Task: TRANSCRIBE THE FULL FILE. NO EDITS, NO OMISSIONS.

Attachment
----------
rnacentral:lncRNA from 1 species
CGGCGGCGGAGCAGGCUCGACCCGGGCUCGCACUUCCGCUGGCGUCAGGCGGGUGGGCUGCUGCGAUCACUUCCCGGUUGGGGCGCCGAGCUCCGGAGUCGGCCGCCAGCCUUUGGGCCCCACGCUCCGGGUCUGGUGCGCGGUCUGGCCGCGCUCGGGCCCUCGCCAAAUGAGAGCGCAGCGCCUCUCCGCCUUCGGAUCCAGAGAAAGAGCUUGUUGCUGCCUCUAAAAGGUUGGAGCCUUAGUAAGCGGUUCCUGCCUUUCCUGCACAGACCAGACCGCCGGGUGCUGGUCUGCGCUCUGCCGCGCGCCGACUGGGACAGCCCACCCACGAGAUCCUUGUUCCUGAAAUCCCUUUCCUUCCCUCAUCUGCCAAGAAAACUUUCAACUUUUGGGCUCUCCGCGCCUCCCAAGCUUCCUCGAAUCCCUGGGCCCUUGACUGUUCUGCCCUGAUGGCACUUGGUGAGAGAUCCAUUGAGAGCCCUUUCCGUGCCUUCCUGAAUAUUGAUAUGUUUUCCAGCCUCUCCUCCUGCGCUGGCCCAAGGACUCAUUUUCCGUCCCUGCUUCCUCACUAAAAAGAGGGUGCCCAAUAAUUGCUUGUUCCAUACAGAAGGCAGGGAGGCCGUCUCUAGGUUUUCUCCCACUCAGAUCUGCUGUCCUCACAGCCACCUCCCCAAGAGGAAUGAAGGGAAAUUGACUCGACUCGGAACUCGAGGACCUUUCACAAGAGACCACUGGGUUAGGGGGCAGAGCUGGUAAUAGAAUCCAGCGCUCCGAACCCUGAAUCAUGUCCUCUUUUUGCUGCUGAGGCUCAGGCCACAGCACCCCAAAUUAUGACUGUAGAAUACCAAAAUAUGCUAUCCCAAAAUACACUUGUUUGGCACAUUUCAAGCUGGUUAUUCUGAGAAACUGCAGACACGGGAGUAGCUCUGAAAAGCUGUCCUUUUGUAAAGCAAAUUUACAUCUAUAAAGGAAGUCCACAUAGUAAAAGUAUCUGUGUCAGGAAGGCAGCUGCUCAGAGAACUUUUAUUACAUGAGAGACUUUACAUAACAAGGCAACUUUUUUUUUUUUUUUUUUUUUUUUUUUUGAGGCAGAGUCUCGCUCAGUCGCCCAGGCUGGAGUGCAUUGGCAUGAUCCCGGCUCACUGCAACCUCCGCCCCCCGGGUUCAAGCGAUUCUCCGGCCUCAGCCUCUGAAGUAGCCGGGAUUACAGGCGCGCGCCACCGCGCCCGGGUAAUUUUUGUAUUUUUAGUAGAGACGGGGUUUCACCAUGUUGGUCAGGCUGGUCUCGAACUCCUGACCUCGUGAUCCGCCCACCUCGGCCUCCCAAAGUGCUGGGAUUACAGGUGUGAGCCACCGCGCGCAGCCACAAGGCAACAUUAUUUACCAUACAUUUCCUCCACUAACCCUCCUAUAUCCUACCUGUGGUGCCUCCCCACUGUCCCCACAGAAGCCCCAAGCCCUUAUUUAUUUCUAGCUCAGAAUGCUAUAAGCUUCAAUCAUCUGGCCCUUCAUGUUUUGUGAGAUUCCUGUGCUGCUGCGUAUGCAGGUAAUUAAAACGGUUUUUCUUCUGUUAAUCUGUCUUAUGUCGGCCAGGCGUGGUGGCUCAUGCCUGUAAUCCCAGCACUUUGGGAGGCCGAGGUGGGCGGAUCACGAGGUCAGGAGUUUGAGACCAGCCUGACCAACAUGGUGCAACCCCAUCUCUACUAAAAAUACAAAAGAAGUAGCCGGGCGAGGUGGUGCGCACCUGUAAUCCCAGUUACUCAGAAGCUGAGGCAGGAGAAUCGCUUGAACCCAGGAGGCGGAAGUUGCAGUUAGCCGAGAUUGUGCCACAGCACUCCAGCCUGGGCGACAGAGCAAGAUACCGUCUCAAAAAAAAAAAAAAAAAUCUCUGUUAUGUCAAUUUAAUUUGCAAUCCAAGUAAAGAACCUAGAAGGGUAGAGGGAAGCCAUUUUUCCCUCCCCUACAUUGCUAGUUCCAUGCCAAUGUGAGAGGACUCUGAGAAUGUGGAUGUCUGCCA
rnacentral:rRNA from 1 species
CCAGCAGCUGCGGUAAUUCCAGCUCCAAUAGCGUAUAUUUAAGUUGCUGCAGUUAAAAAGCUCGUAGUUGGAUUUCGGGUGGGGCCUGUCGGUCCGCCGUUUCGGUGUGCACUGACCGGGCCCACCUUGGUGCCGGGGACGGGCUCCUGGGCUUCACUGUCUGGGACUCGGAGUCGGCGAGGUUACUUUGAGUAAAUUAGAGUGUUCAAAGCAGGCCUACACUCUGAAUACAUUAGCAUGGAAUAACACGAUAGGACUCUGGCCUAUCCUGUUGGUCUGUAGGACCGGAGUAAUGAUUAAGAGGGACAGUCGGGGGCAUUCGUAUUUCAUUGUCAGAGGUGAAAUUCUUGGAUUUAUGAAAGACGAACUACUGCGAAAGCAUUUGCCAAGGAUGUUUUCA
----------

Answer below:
rnacentral:lncRNA from 1 species
CGGCGGCGGAGCAGGCUCGACCCGGGCUCGCACUUCCGCUGGCGUCAGGCGGGUGGGCUGCUGCGAUCACUUCCCGGUUGGGGCGCCGAGCUCCGGAGUCGGCCGCCAGCCUUUGGGCCCCACGCUCCGGGUCUGGUGCGCGGUCUGGCCGCGCUCGGGCCCUCGCCAAAUGAGAGCGCAGCGCCUCUCCGCCUUCGGAUCCAGAGAAAGAGCUUGUUGCUGCCUCUAAAAGGUUGGAGCCUUAGUAAGCGGUUCCUGCCUUUCCUGCACAGACCAGACCGCCGGGUGCUGGUCUGCGCUCUGCCGCGCGCCGACUGGGACAGCCCACCCACGAGAUCCUUGUUCCUGAAAUCCCUUUCCUUCCCUCAUCUGCCAAGAAAACUUUCAACUUUUGGGCUCUCCGCGCCUCCCAAGCUUCCUCGAAUCCCUGGGCCCUUGACUGUUCUGCCCUGAUGGCACUUGGUGAGAGAUCCAUUGAGAGCCCUUUCCGUGCCUUCCUGAAUAUUGAUAUGUUUUCCAGCCUCUCCUCCUGCGCUGGCCCAAGGACUCAUUUUCCGUCCCUGCUUCCUCACUAAAAAGAGGGUGCCCAAUAAUUGCUUGUUCCAUACAGAAGGCAGGGAGGCCGUCUCUAGGUUUUCUCCCACUCAGAUCUGCUGUCCUCACAGCCACCUCCCCAAGAGGAAUGAAGGGAAAUUGACUCGACUCGGAACUCGAGGACCUUUCACAAGAGACCACUGGGUUAGGGGGCAGAGCUGGUAAUAGAAUCCAGCGCUCCGAACCCUGAAUCAUGUCCUCUUUUUGCUGCUGAGGCUCAGGCCACAGCACCCCAAAUUAUGACUGUAGAAUACCAAAAUAUGCUAUCCCAAAAUACACUUGUUUGGCACAUUUCAAGCUGGUUAUUCUGAGAAACUGCAGACACGGGAGUAGCUCUGAAAAGCUGUCCUUUUGUAAAGCAAAUUUACAUCUAUAAAGGAAGUCCACAUAGUAAAAGUAUCUGUGUCAGGAAGGCAGCUGCUCAGAGAACUUUUAUUACAUGAGAGACUUUACAUAACAAGGCAACUUUUUUUUUUUUUUUUUUUUUUUUUUUUGAGGCAGAGUCUCGCUCAGUCGCCCAGGCUGGAGUGCAUUGGCAUGAUCCCGGCUCACUGCAACCUCCGCCCCCCGGGUUCAAGCGAUUCUCCGGCCUCAGCCUCUGAAGUAGCCGGGAUUACAGGCGCGCGCCACCGCGCCCGGGUAAUUUUUGUAUUUUUAGUAGAGACGGGGUUUCACCAUGUUGGUCAGGCUGGUCUCGAACUCCUGACCUCGUGAUCCGCCCACCUCGGCCUCCCAAAGUGCUGGGAUUACAGGUGUGAGCCACCGCGCGCAGCCACAAGGCAACAUUAUUUACCAUACAUUUCCUCCACUAACCCUCCUAUAUCCUACCUGUGGUGCCUCCCCACUGUCCCCACAGAAGCCCCAAGCCCUUAUUUAUUUCUAGCUCAGAAUGCUAUAAGCUUCAAUCAUCUGGCCCUUCAUGUUUUGUGAGAUUCCUGUGCUGCUGCGUAUGCAGGUAAUUAAAACGGUUUUUCUUCUGUUAAUCUGUCUUAUGUCGGCCAGGCGUGGUGGCUCAUGCCUGUAAUCCCAGCACUUUGGGAGGCCGAGGUGGGCGGAUCACGAGGUCAGGAGUUUGAGACCAGCCUGACCAACAUGGUGCAACCCCAUCUCUACUAAAAAUACAAAAGAAGUAGCCGGGCGAGGUGGUGCGCACCUGUAAUCCCAGUUACUCAGAAGCUGAGGCAGGAGAAUCGCUUGAACCCAGGAGGCGGAAGUUGCAGUUAGCCGAGAUUGUGCCACAGCACUCCAGCCUGGGCGACAGAGCAAGAUACCGUCUCAAAAAAAAAAAAAAAAAUCUCUGUUAUGUCAAUUUAAUUUGCAAUCCAAGUAAAGAACCUAGAAGGGUAGAGGGAAGCCAUUUUUCCCUCCCCUACAUUGCUAGUUCCAUGCCAAUGUGAGAGGACUCUGAGAAUGUGGAUGUCUGCCA
rnacentral:rRNA from 1 species
CCAGCAGCUGCGGUAAUUCCAGCUCCAAUAGCGUAUAUUUAAGUUGCUGCAGUUAAAAAGCUCGUAGUUGGAUUUCGGGUGGGGCCUGUCGGUCCGCCGUUUCGGUGUGCACUGACCGGGCCCACCUUGGUGCCGGGGACGGGCUCCUGGGCUUCACUGUCUGGGACUCGGAGUCGGCGAGGUUACUUUGAGUAAAUUAGAGUGUUCAAAGCAGGCCUACACUCUGAAUACAUUAGCAUGGAAUAACACGAUAGGACUCUGGCCUAUCCUGUUGGUCUGUAGGACCGGAGUAAUGAUUAAGAGGGACAGUCGGGGGCAUUCGUAUUUCAUUGUCAGAGGUGAAAUUCUUGGAUUUAUGAAAGACGAACUACUGCGAAAGCAUUUGCCAAGGAUGUUUUCA